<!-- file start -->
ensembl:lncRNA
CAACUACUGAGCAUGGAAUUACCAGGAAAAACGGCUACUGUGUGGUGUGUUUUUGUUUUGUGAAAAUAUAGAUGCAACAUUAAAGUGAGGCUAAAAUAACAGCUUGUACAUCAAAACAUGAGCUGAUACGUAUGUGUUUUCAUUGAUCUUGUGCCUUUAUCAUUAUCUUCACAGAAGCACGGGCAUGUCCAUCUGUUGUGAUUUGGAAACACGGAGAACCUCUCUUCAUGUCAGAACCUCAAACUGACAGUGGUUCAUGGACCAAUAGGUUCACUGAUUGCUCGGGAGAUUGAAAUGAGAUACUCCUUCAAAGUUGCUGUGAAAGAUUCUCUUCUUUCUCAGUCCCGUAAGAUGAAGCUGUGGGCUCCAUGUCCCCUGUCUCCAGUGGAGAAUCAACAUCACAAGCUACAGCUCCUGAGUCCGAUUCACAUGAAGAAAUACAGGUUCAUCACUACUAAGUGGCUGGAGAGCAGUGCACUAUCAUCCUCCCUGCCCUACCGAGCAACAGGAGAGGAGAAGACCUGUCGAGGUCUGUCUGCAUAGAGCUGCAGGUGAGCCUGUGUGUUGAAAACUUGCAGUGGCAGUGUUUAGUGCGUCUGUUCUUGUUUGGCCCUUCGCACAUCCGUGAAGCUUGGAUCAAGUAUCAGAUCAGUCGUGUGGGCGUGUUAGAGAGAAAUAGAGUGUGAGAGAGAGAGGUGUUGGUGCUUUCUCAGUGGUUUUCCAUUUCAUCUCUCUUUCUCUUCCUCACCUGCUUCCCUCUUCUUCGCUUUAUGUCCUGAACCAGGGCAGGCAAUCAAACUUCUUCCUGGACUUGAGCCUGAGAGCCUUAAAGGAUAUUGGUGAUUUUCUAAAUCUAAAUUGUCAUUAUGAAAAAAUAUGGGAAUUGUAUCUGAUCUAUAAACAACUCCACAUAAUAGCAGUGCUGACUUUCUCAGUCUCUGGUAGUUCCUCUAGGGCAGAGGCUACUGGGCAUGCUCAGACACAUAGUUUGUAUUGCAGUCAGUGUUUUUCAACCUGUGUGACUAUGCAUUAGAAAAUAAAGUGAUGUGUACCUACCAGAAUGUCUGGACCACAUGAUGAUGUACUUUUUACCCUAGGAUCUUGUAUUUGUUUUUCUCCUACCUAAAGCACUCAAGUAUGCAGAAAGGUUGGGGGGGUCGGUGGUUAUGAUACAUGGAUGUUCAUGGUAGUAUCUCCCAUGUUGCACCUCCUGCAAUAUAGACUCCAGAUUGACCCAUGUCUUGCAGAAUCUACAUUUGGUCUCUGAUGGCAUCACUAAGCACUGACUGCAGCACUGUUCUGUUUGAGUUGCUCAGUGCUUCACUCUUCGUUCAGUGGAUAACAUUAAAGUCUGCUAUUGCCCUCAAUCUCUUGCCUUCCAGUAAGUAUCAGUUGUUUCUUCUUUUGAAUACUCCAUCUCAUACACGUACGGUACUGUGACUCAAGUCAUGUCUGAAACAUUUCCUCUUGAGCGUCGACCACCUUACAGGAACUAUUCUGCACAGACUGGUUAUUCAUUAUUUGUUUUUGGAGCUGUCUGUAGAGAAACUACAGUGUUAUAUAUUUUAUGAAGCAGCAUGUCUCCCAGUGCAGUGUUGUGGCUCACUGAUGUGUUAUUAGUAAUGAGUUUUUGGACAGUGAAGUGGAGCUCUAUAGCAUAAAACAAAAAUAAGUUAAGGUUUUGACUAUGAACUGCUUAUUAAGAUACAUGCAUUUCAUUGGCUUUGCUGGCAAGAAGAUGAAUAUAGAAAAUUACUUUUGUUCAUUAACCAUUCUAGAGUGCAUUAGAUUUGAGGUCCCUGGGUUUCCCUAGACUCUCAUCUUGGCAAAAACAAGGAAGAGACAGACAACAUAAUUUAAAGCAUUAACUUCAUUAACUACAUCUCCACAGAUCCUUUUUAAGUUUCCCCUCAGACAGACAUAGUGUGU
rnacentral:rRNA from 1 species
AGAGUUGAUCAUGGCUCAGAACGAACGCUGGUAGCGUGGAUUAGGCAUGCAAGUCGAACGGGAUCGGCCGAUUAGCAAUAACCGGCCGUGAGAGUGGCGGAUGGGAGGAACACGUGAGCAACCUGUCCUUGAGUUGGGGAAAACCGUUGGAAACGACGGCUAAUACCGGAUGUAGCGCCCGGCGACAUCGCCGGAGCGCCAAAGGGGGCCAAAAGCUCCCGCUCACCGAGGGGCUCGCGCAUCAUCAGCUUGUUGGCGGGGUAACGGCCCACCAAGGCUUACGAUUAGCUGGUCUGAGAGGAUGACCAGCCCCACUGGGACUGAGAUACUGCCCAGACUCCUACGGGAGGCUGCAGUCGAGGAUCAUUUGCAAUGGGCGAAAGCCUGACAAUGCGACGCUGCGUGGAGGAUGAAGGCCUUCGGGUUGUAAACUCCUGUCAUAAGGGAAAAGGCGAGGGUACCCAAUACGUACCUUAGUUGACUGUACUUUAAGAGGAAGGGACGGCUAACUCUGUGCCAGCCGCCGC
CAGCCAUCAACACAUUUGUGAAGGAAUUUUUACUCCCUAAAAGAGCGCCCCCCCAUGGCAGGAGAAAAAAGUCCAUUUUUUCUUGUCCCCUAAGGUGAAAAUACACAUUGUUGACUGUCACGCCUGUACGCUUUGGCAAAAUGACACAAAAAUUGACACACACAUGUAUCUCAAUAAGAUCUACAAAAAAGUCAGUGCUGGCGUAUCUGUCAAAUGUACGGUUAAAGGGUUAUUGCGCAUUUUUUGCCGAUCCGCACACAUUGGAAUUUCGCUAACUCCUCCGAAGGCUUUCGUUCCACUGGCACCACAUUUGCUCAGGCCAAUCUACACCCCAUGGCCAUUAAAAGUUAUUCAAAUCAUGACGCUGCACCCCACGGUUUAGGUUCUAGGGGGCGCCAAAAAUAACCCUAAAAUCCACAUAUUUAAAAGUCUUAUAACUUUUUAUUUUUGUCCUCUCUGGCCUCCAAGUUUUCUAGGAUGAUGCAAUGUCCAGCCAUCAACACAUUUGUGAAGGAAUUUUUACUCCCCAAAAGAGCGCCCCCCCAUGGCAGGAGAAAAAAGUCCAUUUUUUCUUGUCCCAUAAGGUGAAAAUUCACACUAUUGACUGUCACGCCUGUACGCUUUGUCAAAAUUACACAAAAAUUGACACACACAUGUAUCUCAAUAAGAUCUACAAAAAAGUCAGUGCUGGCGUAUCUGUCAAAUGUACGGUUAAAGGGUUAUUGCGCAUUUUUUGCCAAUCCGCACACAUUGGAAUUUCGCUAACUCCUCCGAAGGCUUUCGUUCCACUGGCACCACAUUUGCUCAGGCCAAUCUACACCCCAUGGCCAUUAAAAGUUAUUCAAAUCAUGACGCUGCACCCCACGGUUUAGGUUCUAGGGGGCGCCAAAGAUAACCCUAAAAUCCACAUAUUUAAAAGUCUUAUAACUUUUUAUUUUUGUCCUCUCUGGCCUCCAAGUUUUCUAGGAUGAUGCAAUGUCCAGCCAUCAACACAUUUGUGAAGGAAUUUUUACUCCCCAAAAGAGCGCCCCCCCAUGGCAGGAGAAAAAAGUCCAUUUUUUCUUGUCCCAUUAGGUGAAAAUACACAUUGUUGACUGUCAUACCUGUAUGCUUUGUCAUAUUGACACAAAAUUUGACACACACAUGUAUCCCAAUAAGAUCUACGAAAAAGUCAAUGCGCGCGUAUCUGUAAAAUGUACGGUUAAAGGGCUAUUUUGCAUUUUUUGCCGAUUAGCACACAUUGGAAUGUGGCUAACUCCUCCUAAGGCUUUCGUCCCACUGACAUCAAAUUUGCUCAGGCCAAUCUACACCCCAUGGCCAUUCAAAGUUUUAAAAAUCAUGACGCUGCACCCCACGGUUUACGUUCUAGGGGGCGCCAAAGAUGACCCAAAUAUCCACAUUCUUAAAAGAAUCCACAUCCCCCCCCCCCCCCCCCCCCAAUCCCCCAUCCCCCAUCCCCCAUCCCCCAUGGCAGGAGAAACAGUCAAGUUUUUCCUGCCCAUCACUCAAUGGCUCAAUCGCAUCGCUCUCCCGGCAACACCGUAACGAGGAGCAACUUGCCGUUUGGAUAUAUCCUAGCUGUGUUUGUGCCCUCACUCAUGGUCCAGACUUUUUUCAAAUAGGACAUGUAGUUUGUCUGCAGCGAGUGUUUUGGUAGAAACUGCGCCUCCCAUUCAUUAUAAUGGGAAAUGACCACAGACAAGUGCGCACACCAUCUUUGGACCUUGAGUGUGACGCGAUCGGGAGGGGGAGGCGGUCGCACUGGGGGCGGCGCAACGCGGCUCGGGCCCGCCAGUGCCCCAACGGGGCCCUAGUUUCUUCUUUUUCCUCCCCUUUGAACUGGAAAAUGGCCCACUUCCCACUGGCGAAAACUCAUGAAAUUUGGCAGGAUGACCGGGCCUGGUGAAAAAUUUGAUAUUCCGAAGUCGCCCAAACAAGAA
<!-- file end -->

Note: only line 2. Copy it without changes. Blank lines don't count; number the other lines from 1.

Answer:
CAACUACUGAGCAUGGAAUUACCAGGAAAAACGGCUACUGUGUGGUGUGUUUUUGUUUUGUGAAAAUAUAGAUGCAACAUUAAAGUGAGGCUAAAAUAACAGCUUGUACAUCAAAACAUGAGCUGAUACGUAUGUGUUUUCAUUGAUCUUGUGCCUUUAUCAUUAUCUUCACAGAAGCACGGGCAUGUCCAUCUGUUGUGAUUUGGAAACACGGAGAACCUCUCUUCAUGUCAGAACCUCAAACUGACAGUGGUUCAUGGACCAAUAGGUUCACUGAUUGCUCGGGAGAUUGAAAUGAGAUACUCCUUCAAAGUUGCUGUGAAAGAUUCUCUUCUUUCUCAGUCCCGUAAGAUGAAGCUGUGGGCUCCAUGUCCCCUGUCUCCAGUGGAGAAUCAACAUCACAAGCUACAGCUCCUGAGUCCGAUUCACAUGAAGAAAUACAGGUUCAUCACUACUAAGUGGCUGGAGAGCAGUGCACUAUCAUCCUCCCUGCCCUACCGAGCAACAGGAGAGGAGAAGACCUGUCGAGGUCUGUCUGCAUAGAGCUGCAGGUGAGCCUGUGUGUUGAAAACUUGCAGUGGCAGUGUUUAGUGCGUCUGUUCUUGUUUGGCCCUUCGCACAUCCGUGAAGCUUGGAUCAAGUAUCAGAUCAGUCGUGUGGGCGUGUUAGAGAGAAAUAGAGUGUGAGAGAGAGAGGUGUUGGUGCUUUCUCAGUGGUUUUCCAUUUCAUCUCUCUUUCUCUUCCUCACCUGCUUCCCUCUUCUUCGCUUUAUGUCCUGAACCAGGGCAGGCAAUCAAACUUCUUCCUGGACUUGAGCCUGAGAGCCUUAAAGGAUAUUGGUGAUUUUCUAAAUCUAAAUUGUCAUUAUGAAAAAAUAUGGGAAUUGUAUCUGAUCUAUAAACAACUCCACAUAAUAGCAGUGCUGACUUUCUCAGUCUCUGGUAGUUCCUCUAGGGCAGAGGCUACUGGGCAUGCUCAGACACAUAGUUUGUAUUGCAGUCAGUGUUUUUCAACCUGUGUGACUAUGCAUUAGAAAAUAAAGUGAUGUGUACCUACCAGAAUGUCUGGACCACAUGAUGAUGUACUUUUUACCCUAGGAUCUUGUAUUUGUUUUUCUCCUACCUAAAGCACUCAAGUAUGCAGAAAGGUUGGGGGGGUCGGUGGUUAUGAUACAUGGAUGUUCAUGGUAGUAUCUCCCAUGUUGCACCUCCUGCAAUAUAGACUCCAGAUUGACCCAUGUCUUGCAGAAUCUACAUUUGGUCUCUGAUGGCAUCACUAAGCACUGACUGCAGCACUGUUCUGUUUGAGUUGCUCAGUGCUUCACUCUUCGUUCAGUGGAUAACAUUAAAGUCUGCUAUUGCCCUCAAUCUCUUGCCUUCCAGUAAGUAUCAGUUGUUUCUUCUUUUGAAUACUCCAUCUCAUACACGUACGGUACUGUGACUCAAGUCAUGUCUGAAACAUUUCCUCUUGAGCGUCGACCACCUUACAGGAACUAUUCUGCACAGACUGGUUAUUCAUUAUUUGUUUUUGGAGCUGUCUGUAGAGAAACUACAGUGUUAUAUAUUUUAUGAAGCAGCAUGUCUCCCAGUGCAGUGUUGUGGCUCACUGAUGUGUUAUUAGUAAUGAGUUUUUGGACAGUGAAGUGGAGCUCUAUAGCAUAAAACAAAAAUAAGUUAAGGUUUUGACUAUGAACUGCUUAUUAAGAUACAUGCAUUUCAUUGGCUUUGCUGGCAAGAAGAUGAAUAUAGAAAAUUACUUUUGUUCAUUAACCAUUCUAGAGUGCAUUAGAUUUGAGGUCCCUGGGUUUCCCUAGACUCUCAUCUUGGCAAAAACAAGGAAGAGACAGACAACAUAAUUUAAAGCAUUAACUUCAUUAACUACAUCUCCACAGAUCCUUUUUAAGUUUCCCCUCAGACAGACAUAGUGUGU